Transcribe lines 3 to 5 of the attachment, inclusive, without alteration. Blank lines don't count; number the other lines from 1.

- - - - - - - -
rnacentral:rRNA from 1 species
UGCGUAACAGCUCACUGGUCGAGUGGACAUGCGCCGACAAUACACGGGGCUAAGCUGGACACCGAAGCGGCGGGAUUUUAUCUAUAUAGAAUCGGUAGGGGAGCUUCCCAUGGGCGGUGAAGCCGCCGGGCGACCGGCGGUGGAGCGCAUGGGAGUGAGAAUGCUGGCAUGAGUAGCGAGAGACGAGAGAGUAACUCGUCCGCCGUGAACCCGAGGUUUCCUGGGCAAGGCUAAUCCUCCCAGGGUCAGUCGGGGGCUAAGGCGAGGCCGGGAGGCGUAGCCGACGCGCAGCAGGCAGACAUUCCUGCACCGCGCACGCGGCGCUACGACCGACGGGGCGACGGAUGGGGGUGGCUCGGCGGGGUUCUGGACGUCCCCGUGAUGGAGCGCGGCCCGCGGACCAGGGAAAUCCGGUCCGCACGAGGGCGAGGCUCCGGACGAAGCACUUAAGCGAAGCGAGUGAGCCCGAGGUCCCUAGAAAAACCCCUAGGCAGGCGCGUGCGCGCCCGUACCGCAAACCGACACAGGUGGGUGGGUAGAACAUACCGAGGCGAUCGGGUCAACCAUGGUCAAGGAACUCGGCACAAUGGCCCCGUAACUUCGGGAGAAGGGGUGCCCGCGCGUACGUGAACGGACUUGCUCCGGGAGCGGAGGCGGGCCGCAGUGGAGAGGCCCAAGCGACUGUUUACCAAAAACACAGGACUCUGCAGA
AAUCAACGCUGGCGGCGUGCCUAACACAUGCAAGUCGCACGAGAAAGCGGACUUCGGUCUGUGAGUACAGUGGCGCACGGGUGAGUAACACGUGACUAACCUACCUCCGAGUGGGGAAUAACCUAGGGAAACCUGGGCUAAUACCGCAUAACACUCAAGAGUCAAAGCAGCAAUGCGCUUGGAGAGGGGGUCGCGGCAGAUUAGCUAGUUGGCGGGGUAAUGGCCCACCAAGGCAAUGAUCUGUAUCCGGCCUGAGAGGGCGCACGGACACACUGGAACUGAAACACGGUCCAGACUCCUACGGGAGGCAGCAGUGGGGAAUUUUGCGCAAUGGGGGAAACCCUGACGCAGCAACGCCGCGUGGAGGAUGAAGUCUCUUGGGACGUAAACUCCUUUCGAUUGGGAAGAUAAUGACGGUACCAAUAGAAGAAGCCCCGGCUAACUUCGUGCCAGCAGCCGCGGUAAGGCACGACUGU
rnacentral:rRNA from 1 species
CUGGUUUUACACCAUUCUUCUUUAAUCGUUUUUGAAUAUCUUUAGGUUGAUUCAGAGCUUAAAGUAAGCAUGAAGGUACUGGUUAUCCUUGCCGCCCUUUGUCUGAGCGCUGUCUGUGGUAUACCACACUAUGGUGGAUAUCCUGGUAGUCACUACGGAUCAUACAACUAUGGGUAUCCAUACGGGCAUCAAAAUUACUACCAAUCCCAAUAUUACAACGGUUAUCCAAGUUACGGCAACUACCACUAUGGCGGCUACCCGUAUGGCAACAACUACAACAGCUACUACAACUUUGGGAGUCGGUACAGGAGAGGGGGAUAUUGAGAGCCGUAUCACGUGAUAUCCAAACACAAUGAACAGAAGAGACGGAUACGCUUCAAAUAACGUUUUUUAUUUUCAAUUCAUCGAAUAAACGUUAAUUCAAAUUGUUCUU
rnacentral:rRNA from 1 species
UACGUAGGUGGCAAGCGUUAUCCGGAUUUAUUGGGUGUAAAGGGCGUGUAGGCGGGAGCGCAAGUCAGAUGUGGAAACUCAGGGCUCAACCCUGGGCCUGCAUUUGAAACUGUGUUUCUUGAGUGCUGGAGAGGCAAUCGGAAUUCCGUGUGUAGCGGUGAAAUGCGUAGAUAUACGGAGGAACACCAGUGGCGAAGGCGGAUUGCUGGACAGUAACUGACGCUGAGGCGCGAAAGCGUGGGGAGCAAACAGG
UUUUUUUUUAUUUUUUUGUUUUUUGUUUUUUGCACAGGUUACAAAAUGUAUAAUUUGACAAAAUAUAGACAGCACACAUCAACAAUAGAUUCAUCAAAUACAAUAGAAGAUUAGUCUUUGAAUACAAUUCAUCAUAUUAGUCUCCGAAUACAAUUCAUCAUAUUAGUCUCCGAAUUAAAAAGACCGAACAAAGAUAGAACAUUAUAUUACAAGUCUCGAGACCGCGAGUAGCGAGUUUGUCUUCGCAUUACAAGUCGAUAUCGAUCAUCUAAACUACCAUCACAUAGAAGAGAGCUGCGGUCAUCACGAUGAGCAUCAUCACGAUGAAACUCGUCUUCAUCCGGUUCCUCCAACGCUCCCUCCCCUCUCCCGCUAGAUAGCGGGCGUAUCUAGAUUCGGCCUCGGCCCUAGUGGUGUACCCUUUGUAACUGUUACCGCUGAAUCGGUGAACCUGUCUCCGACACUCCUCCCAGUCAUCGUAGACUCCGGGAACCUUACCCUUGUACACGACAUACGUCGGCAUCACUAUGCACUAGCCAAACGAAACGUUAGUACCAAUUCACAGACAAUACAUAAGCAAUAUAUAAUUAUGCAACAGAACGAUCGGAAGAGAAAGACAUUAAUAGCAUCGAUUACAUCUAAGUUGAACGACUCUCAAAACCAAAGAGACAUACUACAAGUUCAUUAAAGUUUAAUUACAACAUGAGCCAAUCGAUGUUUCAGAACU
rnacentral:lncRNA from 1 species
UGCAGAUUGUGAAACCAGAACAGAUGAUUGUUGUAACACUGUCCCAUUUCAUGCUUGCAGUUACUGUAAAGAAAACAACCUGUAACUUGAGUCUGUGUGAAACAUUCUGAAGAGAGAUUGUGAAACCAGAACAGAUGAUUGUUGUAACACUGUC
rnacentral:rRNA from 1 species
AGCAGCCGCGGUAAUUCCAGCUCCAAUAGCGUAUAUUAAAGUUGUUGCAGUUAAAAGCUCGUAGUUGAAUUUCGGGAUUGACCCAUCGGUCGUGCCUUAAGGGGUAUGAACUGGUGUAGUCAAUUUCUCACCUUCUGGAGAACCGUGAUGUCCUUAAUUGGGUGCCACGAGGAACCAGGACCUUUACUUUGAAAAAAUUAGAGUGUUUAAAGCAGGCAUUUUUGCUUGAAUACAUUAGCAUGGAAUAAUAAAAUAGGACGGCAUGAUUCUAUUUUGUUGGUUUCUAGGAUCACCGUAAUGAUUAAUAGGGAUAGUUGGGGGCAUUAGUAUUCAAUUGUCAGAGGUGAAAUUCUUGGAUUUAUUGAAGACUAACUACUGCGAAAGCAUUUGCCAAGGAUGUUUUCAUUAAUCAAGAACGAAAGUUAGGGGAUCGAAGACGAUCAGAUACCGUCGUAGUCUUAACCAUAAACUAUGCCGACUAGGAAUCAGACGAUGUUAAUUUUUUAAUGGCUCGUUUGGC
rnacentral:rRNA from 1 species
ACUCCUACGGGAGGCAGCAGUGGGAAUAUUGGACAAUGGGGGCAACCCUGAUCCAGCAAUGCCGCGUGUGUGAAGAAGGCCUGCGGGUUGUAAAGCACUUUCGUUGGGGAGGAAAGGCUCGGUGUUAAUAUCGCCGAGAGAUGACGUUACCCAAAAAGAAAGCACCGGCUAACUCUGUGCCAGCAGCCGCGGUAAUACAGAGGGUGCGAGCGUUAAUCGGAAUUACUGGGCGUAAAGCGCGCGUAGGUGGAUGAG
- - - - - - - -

AAUCAACGCUGGCGGCGUGCCUAACACAUGCAAGUCGCACGAGAAAGCGGACUUCGGUCUGUGAGUACAGUGGCGCACGGGUGAGUAACACGUGACUAACCUACCUCCGAGUGGGGAAUAACCUAGGGAAACCUGGGCUAAUACCGCAUAACACUCAAGAGUCAAAGCAGCAAUGCGCUUGGAGAGGGGGUCGCGGCAGAUUAGCUAGUUGGCGGGGUAAUGGCCCACCAAGGCAAUGAUCUGUAUCCGGCCUGAGAGGGCGCACGGACACACUGGAACUGAAACACGGUCCAGACUCCUACGGGAGGCAGCAGUGGGGAAUUUUGCGCAAUGGGGGAAACCCUGACGCAGCAACGCCGCGUGGAGGAUGAAGUCUCUUGGGACGUAAACUCCUUUCGAUUGGGAAGAUAAUGACGGUACCAAUAGAAGAAGCCCCGGCUAACUUCGUGCCAGCAGCCGCGGUAAGGCACGACUGU
rnacentral:rRNA from 1 species
CUGGUUUUACACCAUUCUUCUUUAAUCGUUUUUGAAUAUCUUUAGGUUGAUUCAGAGCUUAAAGUAAGCAUGAAGGUACUGGUUAUCCUUGCCGCCCUUUGUCUGAGCGCUGUCUGUGGUAUACCACACUAUGGUGGAUAUCCUGGUAGUCACUACGGAUCAUACAACUAUGGGUAUCCAUACGGGCAUCAAAAUUACUACCAAUCCCAAUAUUACAACGGUUAUCCAAGUUACGGCAACUACCACUAUGGCGGCUACCCGUAUGGCAACAACUACAACAGCUACUACAACUUUGGGAGUCGGUACAGGAGAGGGGGAUAUUGAGAGCCGUAUCACGUGAUAUCCAAACACAAUGAACAGAAGAGACGGAUACGCUUCAAAUAACGUUUUUUAUUUUCAAUUCAUCGAAUAAACGUUAAUUCAAAUUGUUCUU